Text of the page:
Irish Lamb Stew with Guinness, My Goodness


Ahoy Foodies!

Facebook has a funny way of tapping into the consciousness of a wide swath of folks. I insouciantly mentioned in my status bar that I was “Guinness Irish stew and grandma’s beer and cheddar bread” and I got a slew of comments from friends and relations who were drooling over the very idea of such simple fare. Must have something to do with the upcoming holiday celebrating one Magonus Saccauts Patricius, son of an official working for the Romans in Britain in the 5th century.

Good Ol’ St. Patrick was brought to Ireland as a slave by a group of marauding pirate types in 416 AD. Contrary to popular belief, he didn’t exactly bring Christianity to Ireland, but he did make it much more popular. As for driving the snakes out of Ireland? Well, that’s probably myth. But, he did herd sheep, so he would probably appreciate this lamb stew recipe.

My grandmother, one Helen Manning, nee Pickett, not only made a mean Irish stew, she also made an insanely easy and delicious beer and cheddar bread that goes very well with stew. No need to go out the overcrowded pubs with all the other “Irish for a day” types and drink watery green beer this Tuesday. Stay home, crack open a stout and dig into this little bite of Irish soul instead.

Helen Pickett’s Cheddar Beer Bread
Makes 2 small 4×8-inch loaves or 12 muffins

3 cups all-purpose flour
3 tablespoons sugar
1 tablespoon baking powder
3/4 teaspoon salt
12 ounces Harp beer
1/4 cup minced green onions
3/4 cup grated extra-sharp cheddar cheese

Preheat oven to 350 degrees. Spray two 4×8-inch loaf pans or 12 muffin wells with non-stick cooking spray.

Whisk together the flour, sugar, baking powder and salt together in a large mixing bowl. Add the beer, chives, and 1/2 cup of cheddar and beat batter, always stirring in one direction, until smooth. Do NOT overbeat it.

Put the batter in the pans or muffin wells, sprinkle remaining cheese on top and bake until tops are golden brown and a skewer inserted in the center comes out clean, about 45 minutes to 1 hour for loaves, 35 minutes for muffins.

Remove bread from oven and let it cool on rack for 10 minutes before removing from pans, then allow bread to cool for at least 30 minutes more before serving; it is best when left overnight, the oniony flavors bloom with time.

Manning’s Irish Pub Guinness Irish Stew
Serves 6

3 pounds boneless lamb shoulder or leg, cut into 1-inch pieces
Salt and freshly ground pepper
1 cup flour
4 tablespoons vegetable oil
1 large onion, chopped
3 medium carrots, peeled
2 cups Guinness stout
1 bay leaf
2 tablespoons minced herbs (thyme, rosemary, marjoram)
1 tablespoon tomato paste
3 cups beef or chicken stock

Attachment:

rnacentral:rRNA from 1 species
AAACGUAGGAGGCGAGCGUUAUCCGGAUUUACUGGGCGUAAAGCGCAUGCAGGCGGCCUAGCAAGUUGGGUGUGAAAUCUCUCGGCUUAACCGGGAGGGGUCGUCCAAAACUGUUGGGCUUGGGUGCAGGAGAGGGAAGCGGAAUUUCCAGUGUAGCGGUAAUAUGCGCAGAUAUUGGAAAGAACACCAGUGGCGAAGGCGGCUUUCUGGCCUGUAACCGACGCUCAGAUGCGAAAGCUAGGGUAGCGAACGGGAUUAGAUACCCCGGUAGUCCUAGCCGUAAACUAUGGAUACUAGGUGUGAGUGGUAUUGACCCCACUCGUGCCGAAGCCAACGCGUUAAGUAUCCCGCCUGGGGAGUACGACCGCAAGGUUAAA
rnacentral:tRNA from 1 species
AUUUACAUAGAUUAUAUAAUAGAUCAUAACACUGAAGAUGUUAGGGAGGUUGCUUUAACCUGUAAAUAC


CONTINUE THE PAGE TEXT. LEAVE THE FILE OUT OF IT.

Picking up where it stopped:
2 medium Yukon gold potatoes, peeled and quartered
2 tablespoons olive oil
3 parsnips, peeled and cut into 2-inch lengths
Salt and freshly ground pepper
1 to 3 tablespoons brown sugar

Heat the half of the oil in a large sauté pan over medium high heat. Working in batches, season a big handful of meat with salt and pepper and dredge it in the flour. Shake off excess flour and brown meat in sauté pan until browned on 2 sides, 7 minutes. Transfer browned meat to a large Dutch oven or pressure cooker* with tongs and continue browning remaining meat, adding oil if necessary, and adjusting heat if flour begins to burn.

Chop 1 carrot finely. Add more oil to pan, if necessary, and add the onions and chopped carrot. Saute until beginning to brown. Add 1/2 cup beer and bring to a boil, scraping up browned bits. Put mixture in pot with lamb. Add the remaining Guinness, bay leaf, herbs, tomato paste, and enough stock to cover the meat. Bring to a simmer over medium low and cover. Cook until the meat is nearly tender, about 45 minutes.

Preheat the oven to 450 º F and place a heavy-duty pan in the oven. Thickly slice the remaining carrots. Toss the carrots and parsnips with olive oil, salt, and pepper. Open the oven, add the vegetables to the hot pan in an even layer, and roast until tender and beginning to brown, 15 to 20 minutes.
Add the potatoes and roasted carrots and parsnips to the stew and simmer stew uncovered until potatoes are tender when pierced with a fork and stew has thickened, about 15 minutes.

Season the stew with salt and pepper and brown sugar, if needed.

2 Responses to Irish Lamb Stew with Guinness, My Goodness

  1. Ginny Mahar June 9, 2009 at 10:47 PM #

    Ahoy Ivy! I wanted to let you know I made this, and it was sooo delish. I have tried other beer breads and Guinness stews before, but none of them compared to your recipes. Both of them hit the bullseye. Thank you so much for sharing.

  2. Ivy June 9, 2009 at 10:54 PM #

    Ahoy Ginny! I am glad you liked it. I will be headed to Ireland with my father in July to do some “Guinness research”. I will let y’all know if I find better recipes. Cheers!

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